Introduction to Recursion · Robin Goyal

Robin Goyal Software Developer

Introduction to Recursion

While completing the set of videos from the second week of MIT’s Introduction to Computer Science and Programming Using Python course, I was introduced to recursion. I had heard of recursion before but I wanted to share my understanding of the topic.


Recursion is a technique used in programming to solve problems which fall under a divide and conquer paradigm. This paradigm revolves around the idea that the solution to a problem will depend on smaller solutions of the same problem. The most common application of recursion in computer science is a recursive function. A recursive function is when a function is called within the function definition.

Recursion is used to break a problem down to the simplest case which can be solved. As a result recursive functions have two properties associated with them. These properties are:

  • Base case
  • Recursive case

The base case will cause the function to exit if it is met. If the base case is not met, the recursive case is executed which should lead us one step closer to the base case.



Calculating the factorial of a number can be achieved using recursion. Any value that is passed to the function which is greater than 1 will reach the recursive case, where each function call will eventually reach the base case.

def factorial(n):

    # Base case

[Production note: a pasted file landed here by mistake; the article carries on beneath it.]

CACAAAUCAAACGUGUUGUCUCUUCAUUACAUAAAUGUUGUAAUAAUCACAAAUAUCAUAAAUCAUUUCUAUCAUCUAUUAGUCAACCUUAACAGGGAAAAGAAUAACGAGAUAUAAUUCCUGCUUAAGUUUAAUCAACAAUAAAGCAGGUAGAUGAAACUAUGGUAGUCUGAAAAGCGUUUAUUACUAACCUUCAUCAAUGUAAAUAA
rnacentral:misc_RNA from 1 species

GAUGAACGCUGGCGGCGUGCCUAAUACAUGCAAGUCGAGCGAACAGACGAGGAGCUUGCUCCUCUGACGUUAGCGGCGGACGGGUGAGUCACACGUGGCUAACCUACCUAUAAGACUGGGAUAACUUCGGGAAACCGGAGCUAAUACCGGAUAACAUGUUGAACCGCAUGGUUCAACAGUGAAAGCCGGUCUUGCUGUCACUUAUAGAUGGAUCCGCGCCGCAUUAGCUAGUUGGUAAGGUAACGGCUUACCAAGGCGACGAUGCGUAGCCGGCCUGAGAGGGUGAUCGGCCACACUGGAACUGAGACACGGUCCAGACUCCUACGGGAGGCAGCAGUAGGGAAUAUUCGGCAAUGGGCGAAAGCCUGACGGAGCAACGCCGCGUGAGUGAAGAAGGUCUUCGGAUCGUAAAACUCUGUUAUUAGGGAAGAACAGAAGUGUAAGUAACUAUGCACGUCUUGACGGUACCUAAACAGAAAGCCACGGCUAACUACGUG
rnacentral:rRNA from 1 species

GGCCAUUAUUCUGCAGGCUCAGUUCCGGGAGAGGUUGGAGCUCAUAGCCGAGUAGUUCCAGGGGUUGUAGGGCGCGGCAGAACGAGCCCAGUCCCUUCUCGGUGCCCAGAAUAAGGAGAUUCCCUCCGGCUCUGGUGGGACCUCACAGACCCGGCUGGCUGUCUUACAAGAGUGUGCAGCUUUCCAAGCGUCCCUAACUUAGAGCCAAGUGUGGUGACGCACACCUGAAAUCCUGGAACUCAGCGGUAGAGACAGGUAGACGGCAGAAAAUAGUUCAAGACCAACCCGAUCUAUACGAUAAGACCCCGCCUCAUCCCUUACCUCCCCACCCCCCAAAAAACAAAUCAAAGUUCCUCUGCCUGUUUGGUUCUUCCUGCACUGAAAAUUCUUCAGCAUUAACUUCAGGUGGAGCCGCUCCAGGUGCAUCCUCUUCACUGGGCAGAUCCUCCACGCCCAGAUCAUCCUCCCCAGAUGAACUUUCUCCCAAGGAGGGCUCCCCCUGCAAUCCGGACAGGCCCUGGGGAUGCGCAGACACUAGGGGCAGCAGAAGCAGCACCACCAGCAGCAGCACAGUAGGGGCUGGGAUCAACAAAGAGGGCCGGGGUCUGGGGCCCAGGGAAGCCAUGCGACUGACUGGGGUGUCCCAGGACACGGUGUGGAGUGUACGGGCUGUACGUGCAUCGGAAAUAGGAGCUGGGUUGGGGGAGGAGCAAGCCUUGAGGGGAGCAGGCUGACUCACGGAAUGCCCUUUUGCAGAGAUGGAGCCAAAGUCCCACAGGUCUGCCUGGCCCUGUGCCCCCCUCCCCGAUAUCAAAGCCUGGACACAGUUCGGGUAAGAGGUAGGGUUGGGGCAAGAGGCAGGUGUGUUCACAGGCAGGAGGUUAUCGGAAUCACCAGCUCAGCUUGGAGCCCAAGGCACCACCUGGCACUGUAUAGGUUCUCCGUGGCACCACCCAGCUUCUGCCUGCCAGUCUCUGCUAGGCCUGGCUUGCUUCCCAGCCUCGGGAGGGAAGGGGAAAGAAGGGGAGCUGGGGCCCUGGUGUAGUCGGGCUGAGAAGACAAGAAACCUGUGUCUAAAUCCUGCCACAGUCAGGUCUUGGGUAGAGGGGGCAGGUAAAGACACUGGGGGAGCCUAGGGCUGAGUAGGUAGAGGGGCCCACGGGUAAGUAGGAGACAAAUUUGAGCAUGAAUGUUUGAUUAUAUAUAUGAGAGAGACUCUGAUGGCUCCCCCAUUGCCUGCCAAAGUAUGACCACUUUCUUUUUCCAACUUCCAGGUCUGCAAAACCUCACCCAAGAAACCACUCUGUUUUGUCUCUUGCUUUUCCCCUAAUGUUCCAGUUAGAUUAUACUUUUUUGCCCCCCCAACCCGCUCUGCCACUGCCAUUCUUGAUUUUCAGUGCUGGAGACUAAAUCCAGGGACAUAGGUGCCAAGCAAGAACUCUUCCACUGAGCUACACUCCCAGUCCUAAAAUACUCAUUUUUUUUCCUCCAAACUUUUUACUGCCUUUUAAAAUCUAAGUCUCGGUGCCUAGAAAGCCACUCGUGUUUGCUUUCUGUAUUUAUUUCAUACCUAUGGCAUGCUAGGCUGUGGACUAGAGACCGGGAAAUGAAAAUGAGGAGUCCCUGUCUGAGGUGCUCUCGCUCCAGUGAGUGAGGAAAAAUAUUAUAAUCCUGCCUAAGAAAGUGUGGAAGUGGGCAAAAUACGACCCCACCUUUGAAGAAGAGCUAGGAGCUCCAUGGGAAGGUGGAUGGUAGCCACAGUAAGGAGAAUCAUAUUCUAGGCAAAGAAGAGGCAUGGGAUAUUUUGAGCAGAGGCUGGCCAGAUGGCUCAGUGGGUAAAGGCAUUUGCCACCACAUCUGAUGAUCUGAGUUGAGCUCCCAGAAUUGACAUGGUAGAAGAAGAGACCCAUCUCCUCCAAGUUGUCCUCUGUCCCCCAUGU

if n == 1:
        return 1

    # Recursive case
    return n * factorial(n - 1)


The expected return value from factorial (5) should be 120 since 54321 = 120. Going through a sample walkthrough of how this works should make it more clear. Using an example input of 5, the factorial of 5 is 5 x 4 x 3 x 2 x 1 = 120.

  • factorial (5) = 5 * factorial (4)
  • factorial (5) = 5 * (4 * factorial (3))
  • factorial (5) = 5 * (4 * (3 * factorial (2)))
  • factorial (5) = 5 * (4 * (3 * (2 * factorial (1))))
  • factorial (5) = 5 * (4 * (3 * (2 * (1)))) = 120

In the first call of the function, the base case is not met so we call the factorial function again. The function calls continue until the base case is met. Once the base case is met, the function begins to return the values and break out of each function call. The final call returned a value that is equivalent to the mathematical calculation above.

Iteration vs Recursion

Iteration is very similar to recursion but it doesn’t require any function calls. The same recursive function for the factorial problem can be written as an iterative solution as well.

def factorial(n):
    # Initialize variable to hold product 
    product = 1

    # Decrementing step size for range
    for i in range(n, 0, -1):
        product *= i

    return product


This is an equivalent function in recursion but requires some extra steps such as initializing a variable, defining a range for the iteration, and performing the product calculation.


Recursive functions are dangerous if the recursive calls do not eventually reach the base case. This can result in infinite recursion since each execution of the function will continue to call the function. Even if infinite recursion does not occur, a large amount of recursive function calls can overload the stack space and cause stack overflow **.

** In a future post, I will go over stack space and stack overflow.


Recursive functions are elegant solutions and are quite succint in nature. In the factorial example, the recursive implementation required no initialization for variables, no for loops and was easy to understand. This isn’t always the case with recursion and can be difficult to read if the problem which is being broken down is more complex. Recursive functions utilize more memory resources whereas iteration can be a more efficient approach with memory restrictions. Ultimately, the approach to take is dependent on the requirements and functionality of the program.